Clearly, there are exceptions to these generalizations. Nevertheless, where managed care's distrust of pharma occurs, the most important result is not that pharma marketing is inhibited, because manufacturers can always turn up the throttle in other ways, e.g., consumer advertising and physician detailing. It is that productive relationships that could emerge between two key industry sectors in such vital areas as population-based medicine and clinical-quality improvement have been systematically thwarted. This is a collaboration that managed care can ill afford to lose.
Health plan distrust of pharma is flawed for at least three reasons.
- There are too many checks and balances operating in P&T committees for pharma to inappropriately curry favor. P&T committees have a formal process to evaluate prescription products for formulary positions. Clinical research articles appearing in peer-reviewed journals are carefully considered. Usually, a P&T committee has a portion of its members who are not employed by the health plan — typically, a pharmacy professor and local consultant physicians. In addition, P&T decisions are grounded in objective criteria. Safety and efficacy data are scrutinized, and the notion of veering away from decisions based on safety and efficacy simply does not occur. When all things are equal with these criteria, cost becomes the third factor. There is no way that an AE cultivating relationships within a health plan, or the promise of some "partnership", will alter the objectivity of a P&T decision.
- Health plans do not understand the total financial impact of prescription cost increases, and their poor relationships with physicians make health plans partially responsible for those cost increases. It is a given in managed care that pharmacy and medical budgets are siloed, and health plans do not measure the impact of pharmaceutical use on hospital days or physician visits. It is also a given that doctors write the prescriptions and, if they prescribe inappropriately, they should be given the data to see it. Nevertheless, health plans generally do not provide such data — in part due to information-system inadequacies, and in part because poor relationships with physicians undermine health plan credibility. Should any other business have such a deficient understanding of the impact that a key component's costs have on total costs — the way health plans do with pharma — or have such poor working relationships with key suppliers — the way health plans do with physicians — it would be out of business quickly. Until the managed care industry resolves its information systems and provider-relations problems, a portion of the blame for prescription drug increases must rest with health plans themselves.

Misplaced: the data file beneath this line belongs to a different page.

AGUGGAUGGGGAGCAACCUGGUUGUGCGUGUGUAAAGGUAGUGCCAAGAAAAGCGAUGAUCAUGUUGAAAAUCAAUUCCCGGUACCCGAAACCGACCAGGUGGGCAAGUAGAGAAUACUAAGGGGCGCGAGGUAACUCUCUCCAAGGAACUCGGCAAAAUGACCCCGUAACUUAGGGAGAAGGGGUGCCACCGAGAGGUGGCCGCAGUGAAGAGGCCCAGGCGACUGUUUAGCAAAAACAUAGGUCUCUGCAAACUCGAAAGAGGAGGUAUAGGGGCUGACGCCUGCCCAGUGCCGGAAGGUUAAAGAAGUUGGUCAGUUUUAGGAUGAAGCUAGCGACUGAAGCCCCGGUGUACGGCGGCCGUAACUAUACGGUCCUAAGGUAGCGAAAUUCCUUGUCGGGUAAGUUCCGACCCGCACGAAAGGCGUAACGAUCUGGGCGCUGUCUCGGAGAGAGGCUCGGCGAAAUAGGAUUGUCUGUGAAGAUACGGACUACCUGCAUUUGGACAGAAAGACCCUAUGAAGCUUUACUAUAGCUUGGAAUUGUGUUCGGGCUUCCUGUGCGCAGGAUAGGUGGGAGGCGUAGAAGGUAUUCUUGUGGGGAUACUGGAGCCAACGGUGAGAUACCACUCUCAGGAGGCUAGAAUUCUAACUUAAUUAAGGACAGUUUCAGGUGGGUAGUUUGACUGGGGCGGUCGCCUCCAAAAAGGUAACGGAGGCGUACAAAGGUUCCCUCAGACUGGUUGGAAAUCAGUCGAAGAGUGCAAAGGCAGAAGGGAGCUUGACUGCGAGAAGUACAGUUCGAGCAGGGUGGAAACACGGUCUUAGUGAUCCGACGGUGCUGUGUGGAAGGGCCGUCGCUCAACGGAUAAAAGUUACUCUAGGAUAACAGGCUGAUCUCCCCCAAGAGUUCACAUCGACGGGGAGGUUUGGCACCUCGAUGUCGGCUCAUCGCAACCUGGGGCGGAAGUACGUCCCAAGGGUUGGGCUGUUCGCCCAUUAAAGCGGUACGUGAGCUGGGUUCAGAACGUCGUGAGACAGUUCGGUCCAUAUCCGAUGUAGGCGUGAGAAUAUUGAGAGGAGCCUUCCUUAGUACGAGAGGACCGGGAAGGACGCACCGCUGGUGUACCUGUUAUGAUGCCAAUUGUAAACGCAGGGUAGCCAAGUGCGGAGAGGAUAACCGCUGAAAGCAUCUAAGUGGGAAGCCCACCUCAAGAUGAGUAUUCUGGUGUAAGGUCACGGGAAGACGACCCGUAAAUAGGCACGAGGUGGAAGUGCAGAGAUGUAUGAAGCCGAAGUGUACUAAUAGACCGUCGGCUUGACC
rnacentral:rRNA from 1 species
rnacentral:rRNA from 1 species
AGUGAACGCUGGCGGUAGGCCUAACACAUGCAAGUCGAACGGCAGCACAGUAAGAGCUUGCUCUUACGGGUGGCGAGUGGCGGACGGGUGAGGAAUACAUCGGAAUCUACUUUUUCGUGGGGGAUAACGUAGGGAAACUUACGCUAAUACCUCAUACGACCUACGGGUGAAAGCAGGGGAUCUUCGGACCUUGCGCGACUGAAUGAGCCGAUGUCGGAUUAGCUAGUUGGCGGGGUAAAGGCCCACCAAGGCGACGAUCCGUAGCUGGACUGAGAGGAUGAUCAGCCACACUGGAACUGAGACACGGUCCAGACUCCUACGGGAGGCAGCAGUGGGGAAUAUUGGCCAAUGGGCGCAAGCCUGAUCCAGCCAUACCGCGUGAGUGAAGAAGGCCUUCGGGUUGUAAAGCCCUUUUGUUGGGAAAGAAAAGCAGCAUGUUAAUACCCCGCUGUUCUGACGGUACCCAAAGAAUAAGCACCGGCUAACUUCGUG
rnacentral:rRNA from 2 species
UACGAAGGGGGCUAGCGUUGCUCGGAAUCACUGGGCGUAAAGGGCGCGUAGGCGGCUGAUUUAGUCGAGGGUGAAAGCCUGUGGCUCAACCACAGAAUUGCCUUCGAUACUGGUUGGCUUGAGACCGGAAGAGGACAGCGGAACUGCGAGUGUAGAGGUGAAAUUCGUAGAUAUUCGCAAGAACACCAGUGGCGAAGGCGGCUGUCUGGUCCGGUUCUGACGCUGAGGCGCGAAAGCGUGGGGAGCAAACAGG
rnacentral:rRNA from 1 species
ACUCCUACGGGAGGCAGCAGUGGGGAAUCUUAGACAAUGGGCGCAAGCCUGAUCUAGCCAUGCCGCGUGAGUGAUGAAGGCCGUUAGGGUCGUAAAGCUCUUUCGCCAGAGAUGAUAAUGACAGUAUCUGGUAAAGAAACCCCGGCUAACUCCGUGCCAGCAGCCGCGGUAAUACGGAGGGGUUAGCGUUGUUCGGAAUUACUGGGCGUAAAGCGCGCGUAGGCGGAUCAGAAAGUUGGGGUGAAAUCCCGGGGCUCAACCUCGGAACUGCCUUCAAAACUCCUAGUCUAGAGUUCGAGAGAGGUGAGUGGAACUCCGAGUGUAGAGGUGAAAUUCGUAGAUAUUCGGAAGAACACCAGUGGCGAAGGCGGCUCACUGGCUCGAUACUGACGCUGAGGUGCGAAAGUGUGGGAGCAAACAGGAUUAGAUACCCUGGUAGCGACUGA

- It is short sighted for health plans not to draw on the sophisticated talent and resources of pharmaceutical manufacturers. What is significant about health insurance under managed care is that health plans no longer use the "rubber stamp" approach to payment as was the case in the prior indemnity era. The health plan raison d'être is not to be a passive middleman between the payer of premium and the provider of medical care, but to add value. The challenge faced by health plans in the era of managed care is to add value in ways that improve quality and cost effectiveness in health care. For health plans that are notoriously understaffed and underbudgeted in such important areas as disease management, data analysis, and patient and provider education to not aggressively draw on the talent and resources of the pharmaceutical sector is very short sighted.
Managed care evolution
The concept of managed care industry evolution has received too little attention in the health care business and policy literature. Managed care in its early days, like managed care today, was predicated on vendor relationships: health insurers establishing contractual ties defined by discounted fee arrangements with physicians, hospitals, labs, pharmacies, and other medical service providers. The shift in health insurance from an indemnity approach to a vendor logic is the central development that marked the rise of managed care.